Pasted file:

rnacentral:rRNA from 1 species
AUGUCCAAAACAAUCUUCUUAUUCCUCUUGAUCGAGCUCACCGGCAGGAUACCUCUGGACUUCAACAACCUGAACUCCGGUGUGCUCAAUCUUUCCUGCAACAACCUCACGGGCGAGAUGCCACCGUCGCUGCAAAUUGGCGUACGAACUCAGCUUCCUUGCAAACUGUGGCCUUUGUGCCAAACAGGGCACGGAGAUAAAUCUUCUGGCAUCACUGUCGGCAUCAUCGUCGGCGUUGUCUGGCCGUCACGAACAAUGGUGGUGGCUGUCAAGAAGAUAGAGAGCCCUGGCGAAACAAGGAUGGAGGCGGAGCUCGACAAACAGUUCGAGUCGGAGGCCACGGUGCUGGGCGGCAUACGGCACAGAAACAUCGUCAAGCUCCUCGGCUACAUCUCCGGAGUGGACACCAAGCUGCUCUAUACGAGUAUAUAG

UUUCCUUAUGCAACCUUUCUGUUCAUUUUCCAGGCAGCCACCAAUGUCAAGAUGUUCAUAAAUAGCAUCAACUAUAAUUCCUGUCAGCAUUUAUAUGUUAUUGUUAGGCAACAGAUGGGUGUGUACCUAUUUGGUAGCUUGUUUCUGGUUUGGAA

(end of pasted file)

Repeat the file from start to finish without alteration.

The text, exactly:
rnacentral:rRNA from 1 species
AUGUCCAAAACAAUCUUCUUAUUCCUCUUGAUCGAGCUCACCGGCAGGAUACCUCUGGACUUCAACAACCUGAACUCCGGUGUGCUCAAUCUUUCCUGCAACAACCUCACGGGCGAGAUGCCACCGUCGCUGCAAAUUGGCGUACGAACUCAGCUUCCUUGCAAACUGUGGCCUUUGUGCCAAACAGGGCACGGAGAUAAAUCUUCUGGCAUCACUGUCGGCAUCAUCGUCGGCGUUGUCUGGCCGUCACGAACAAUGGUGGUGGCUGUCAAGAAGAUAGAGAGCCCUGGCGAAACAAGGAUGGAGGCGGAGCUCGACAAACAGUUCGAGUCGGAGGCCACGGUGCUGGGCGGCAUACGGCACAGAAACAUCGUCAAGCUCCUCGGCUACAUCUCCGGAGUGGACACCAAGCUGCUCUAUACGAGUAUAUAG

UUUCCUUAUGCAACCUUUCUGUUCAUUUUCCAGGCAGCCACCAAUGUCAAGAUGUUCAUAAAUAGCAUCAACUAUAAUUCCUGUCAGCAUUUAUAUGUUAUUGUUAGGCAACAGAUGGGUGUGUACCUAUUUGGUAGCUUGUUUCUGGUUUGGAA